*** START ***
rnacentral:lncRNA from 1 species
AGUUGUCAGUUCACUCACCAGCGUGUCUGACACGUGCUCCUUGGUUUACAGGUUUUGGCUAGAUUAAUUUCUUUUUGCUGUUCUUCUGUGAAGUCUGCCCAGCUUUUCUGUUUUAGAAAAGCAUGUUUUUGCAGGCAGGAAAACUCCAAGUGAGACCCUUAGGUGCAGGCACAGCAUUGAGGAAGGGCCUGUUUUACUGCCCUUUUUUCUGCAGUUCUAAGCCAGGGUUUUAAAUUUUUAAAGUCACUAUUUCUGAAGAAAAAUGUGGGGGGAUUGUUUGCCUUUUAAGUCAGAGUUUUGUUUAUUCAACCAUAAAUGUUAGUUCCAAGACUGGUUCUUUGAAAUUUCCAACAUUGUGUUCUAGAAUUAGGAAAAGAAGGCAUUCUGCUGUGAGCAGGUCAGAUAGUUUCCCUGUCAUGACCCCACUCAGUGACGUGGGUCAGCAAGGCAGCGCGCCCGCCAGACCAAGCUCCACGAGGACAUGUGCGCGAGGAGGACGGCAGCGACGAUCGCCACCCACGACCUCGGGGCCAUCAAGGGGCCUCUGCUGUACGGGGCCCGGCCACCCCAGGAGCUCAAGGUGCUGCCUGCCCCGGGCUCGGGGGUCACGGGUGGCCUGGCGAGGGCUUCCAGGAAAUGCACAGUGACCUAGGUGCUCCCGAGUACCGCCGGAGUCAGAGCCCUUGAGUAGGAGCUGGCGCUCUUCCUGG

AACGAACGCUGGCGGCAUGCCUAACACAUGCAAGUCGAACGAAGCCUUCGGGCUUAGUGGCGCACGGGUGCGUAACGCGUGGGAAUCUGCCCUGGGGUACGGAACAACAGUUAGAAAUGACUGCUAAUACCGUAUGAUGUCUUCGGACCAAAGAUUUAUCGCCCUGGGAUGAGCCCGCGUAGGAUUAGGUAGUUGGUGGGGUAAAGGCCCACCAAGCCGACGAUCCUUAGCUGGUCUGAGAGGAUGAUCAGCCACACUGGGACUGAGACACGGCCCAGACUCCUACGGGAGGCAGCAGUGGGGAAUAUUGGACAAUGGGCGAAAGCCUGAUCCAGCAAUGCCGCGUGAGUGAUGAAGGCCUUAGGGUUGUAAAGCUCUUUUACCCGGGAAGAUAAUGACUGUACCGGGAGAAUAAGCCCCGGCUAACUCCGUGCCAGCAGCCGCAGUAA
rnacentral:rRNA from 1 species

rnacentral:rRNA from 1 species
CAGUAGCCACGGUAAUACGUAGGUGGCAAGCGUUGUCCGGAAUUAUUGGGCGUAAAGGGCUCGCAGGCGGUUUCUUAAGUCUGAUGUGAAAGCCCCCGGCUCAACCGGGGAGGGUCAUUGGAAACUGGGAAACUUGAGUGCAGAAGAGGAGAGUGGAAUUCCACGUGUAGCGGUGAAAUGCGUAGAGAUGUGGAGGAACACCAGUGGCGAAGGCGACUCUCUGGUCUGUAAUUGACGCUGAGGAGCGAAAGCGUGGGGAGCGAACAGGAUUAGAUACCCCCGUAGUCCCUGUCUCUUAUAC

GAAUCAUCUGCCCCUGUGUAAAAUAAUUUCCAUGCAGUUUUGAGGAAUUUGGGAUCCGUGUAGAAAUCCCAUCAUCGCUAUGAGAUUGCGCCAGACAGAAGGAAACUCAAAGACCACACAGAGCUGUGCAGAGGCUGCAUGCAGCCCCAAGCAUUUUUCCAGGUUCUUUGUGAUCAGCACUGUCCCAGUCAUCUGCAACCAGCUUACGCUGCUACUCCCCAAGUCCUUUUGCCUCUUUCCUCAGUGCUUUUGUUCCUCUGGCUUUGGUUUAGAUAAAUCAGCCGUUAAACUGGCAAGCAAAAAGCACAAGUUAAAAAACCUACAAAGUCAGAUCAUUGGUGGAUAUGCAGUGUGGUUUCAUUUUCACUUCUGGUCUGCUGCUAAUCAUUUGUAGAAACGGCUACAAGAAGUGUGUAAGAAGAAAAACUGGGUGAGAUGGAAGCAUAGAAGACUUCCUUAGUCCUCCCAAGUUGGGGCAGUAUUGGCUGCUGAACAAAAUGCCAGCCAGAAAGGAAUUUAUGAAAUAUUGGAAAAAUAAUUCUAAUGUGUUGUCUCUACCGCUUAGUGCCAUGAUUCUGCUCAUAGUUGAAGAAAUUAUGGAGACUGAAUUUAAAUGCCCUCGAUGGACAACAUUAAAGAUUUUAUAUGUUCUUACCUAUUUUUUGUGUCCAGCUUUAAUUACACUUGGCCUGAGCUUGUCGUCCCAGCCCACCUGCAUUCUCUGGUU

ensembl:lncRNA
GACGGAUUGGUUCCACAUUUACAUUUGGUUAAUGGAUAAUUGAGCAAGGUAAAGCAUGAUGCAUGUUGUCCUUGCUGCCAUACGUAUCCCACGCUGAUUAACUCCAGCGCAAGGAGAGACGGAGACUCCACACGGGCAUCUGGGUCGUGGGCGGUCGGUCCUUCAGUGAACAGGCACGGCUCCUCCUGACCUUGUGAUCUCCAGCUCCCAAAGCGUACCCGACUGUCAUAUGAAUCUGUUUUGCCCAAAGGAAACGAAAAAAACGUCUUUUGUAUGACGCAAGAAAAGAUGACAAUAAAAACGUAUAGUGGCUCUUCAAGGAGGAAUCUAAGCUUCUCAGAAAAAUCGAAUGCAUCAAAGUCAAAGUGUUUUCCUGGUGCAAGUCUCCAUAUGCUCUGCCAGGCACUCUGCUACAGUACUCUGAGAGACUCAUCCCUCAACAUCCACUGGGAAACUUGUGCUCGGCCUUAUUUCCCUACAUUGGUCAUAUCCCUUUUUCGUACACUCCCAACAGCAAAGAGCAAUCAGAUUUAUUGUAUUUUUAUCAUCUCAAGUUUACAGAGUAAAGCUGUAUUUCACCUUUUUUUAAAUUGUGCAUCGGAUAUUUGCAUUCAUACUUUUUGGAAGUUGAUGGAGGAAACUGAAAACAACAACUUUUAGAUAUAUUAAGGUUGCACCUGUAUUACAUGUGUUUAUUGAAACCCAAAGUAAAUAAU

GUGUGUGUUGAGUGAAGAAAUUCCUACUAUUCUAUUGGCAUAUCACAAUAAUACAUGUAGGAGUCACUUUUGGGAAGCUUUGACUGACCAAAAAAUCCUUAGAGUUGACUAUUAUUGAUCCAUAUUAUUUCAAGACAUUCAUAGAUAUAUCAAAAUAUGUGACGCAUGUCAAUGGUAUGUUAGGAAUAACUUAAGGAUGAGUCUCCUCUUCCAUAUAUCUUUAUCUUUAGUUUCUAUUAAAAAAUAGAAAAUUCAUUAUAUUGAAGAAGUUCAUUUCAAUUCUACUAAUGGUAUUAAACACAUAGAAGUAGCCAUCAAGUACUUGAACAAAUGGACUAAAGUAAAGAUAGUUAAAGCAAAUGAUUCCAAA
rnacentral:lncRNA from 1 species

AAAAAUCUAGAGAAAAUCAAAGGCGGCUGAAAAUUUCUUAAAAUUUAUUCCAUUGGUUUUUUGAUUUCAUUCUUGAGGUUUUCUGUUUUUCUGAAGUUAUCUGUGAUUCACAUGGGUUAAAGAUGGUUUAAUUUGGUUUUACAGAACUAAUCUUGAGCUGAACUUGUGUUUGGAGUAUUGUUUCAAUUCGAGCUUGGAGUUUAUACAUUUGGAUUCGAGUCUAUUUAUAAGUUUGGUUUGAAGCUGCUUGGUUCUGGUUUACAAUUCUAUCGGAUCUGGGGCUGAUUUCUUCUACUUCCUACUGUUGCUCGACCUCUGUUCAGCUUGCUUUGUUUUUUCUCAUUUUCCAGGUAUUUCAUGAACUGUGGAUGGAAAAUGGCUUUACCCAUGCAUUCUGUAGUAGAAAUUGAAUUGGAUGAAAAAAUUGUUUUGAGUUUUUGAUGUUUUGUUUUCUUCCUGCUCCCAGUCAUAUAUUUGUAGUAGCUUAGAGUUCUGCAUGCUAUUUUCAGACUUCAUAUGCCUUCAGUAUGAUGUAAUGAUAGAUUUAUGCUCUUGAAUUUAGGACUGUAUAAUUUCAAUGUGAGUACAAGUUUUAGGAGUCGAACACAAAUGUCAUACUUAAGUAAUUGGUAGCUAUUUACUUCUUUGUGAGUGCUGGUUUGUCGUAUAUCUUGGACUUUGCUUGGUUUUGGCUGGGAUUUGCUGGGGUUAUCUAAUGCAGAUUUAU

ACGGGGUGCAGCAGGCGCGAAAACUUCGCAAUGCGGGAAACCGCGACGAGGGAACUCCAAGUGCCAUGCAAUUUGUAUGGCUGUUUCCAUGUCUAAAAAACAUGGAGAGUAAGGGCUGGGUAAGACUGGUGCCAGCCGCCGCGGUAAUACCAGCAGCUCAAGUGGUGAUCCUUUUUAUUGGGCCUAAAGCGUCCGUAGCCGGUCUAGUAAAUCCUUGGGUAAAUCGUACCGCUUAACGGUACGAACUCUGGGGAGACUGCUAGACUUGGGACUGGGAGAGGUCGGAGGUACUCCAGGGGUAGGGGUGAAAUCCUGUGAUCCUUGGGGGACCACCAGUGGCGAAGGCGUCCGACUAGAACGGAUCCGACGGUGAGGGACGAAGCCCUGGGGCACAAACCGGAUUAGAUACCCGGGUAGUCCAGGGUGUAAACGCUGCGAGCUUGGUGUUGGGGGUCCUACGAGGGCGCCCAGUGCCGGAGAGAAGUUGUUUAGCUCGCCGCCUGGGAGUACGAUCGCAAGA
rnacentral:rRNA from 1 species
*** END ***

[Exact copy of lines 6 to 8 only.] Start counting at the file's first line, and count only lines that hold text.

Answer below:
CAGUAGCCACGGUAAUACGUAGGUGGCAAGCGUUGUCCGGAAUUAUUGGGCGUAAAGGGCUCGCAGGCGGUUUCUUAAGUCUGAUGUGAAAGCCCCCGGCUCAACCGGGGAGGGUCAUUGGAAACUGGGAAACUUGAGUGCAGAAGAGGAGAGUGGAAUUCCACGUGUAGCGGUGAAAUGCGUAGAGAUGUGGAGGAACACCAGUGGCGAAGGCGACUCUCUGGUCUGUAAUUGACGCUGAGGAGCGAAAGCGUGGGGAGCGAACAGGAUUAGAUACCCCCGUAGUCCCUGUCUCUUAUAC

GAAUCAUCUGCCCCUGUGUAAAAUAAUUUCCAUGCAGUUUUGAGGAAUUUGGGAUCCGUGUAGAAAUCCCAUCAUCGCUAUGAGAUUGCGCCAGACAGAAGGAAACUCAAAGACCACACAGAGCUGUGCAGAGGCUGCAUGCAGCCCCAAGCAUUUUUCCAGGUUCUUUGUGAUCAGCACUGUCCCAGUCAUCUGCAACCAGCUUACGCUGCUACUCCCCAAGUCCUUUUGCCUCUUUCCUCAGUGCUUUUGUUCCUCUGGCUUUGGUUUAGAUAAAUCAGCCGUUAAACUGGCAAGCAAAAAGCACAAGUUAAAAAACCUACAAAGUCAGAUCAUUGGUGGAUAUGCAGUGUGGUUUCAUUUUCACUUCUGGUCUGCUGCUAAUCAUUUGUAGAAACGGCUACAAGAAGUGUGUAAGAAGAAAAACUGGGUGAGAUGGAAGCAUAGAAGACUUCCUUAGUCCUCCCAAGUUGGGGCAGUAUUGGCUGCUGAACAAAAUGCCAGCCAGAAAGGAAUUUAUGAAAUAUUGGAAAAAUAAUUCUAAUGUGUUGUCUCUACCGCUUAGUGCCAUGAUUCUGCUCAUAGUUGAAGAAAUUAUGGAGACUGAAUUUAAAUGCCCUCGAUGGACAACAUUAAAGAUUUUAUAUGUUCUUACCUAUUUUUUGUGUCCAGCUUUAAUUACACUUGGCCUGAGCUUGUCGUCCCAGCCCACCUGCAUUCUCUGGUU

ensembl:lncRNA